Most negotiators will spend some time up front making sure they understand their party’s not-to-exceed number. But the really good negotiators will try to figure out the other side’s number as well.

Figuring out your side’s number shouldn’t be too difficult. Anyone going into a negotiation should know the most they’re willing to pay for something or the least they’re willing to sell for.

As for your counterpart’s number, you may never find out what that specific deal-breaker number is (and they may not have one) but there are a few ways to find out what range you should be in.

For buyers, their number is usually tied to a budget. Have you ever gone into a dealership to buy a car? One of the first questions the salesperson will ask is, “what’s your budget?”

It’s amazing how quickly an organization will disclose their budget to a supplier during negotiations, then try to justify an exorbitant purchase price because the supplier “was able to get the number to fit into our budget.”

Figuring out the sellers number is a little trickier, but it’s not impossible. It just take a little more research. Things like market rates, competitive bids and annual sales can help determine how low a supplier will go on price before they consider walking away.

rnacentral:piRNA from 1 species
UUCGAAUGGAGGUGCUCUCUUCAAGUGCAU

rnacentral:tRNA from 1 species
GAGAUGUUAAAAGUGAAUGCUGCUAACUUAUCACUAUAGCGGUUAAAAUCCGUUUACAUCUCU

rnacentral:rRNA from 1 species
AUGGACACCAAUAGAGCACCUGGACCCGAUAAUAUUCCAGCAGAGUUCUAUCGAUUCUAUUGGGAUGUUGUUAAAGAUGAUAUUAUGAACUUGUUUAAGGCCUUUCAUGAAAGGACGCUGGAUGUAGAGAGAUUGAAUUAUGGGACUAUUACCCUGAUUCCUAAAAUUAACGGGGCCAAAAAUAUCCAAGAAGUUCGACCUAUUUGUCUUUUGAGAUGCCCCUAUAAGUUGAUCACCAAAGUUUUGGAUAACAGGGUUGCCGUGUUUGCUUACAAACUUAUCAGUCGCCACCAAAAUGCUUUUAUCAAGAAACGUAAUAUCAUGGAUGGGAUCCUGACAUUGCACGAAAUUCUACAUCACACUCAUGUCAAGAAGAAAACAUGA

The reality is that most standard legal terms are one sided in favour of the party that drafted them, which means they’re fair game in a negotiation.

The real trick is to figure out how much you can modify a legal provision in your favour before it becomes unacceptable for your counterpart.

Corporate lawyers, by their very nature, are risk averse. Their mandate is to protect the interests of the organization and mitigate as much risk as possible in a contract.

The problem is that the other side also has corporate lawyers trying to do the exact same thing for their organization. This is why we should keep the lawyers at the back table in our negotiations.

But that doesn’t mean we should dismiss legal terms as being over cautious, or accept them as gospel.

Instead, try to understand what specific risk is being mitigated by a particular clause, quantify the risk, and then negotiate the clause to a point where the risk is still being mitigated but not at the expense of the overall deal.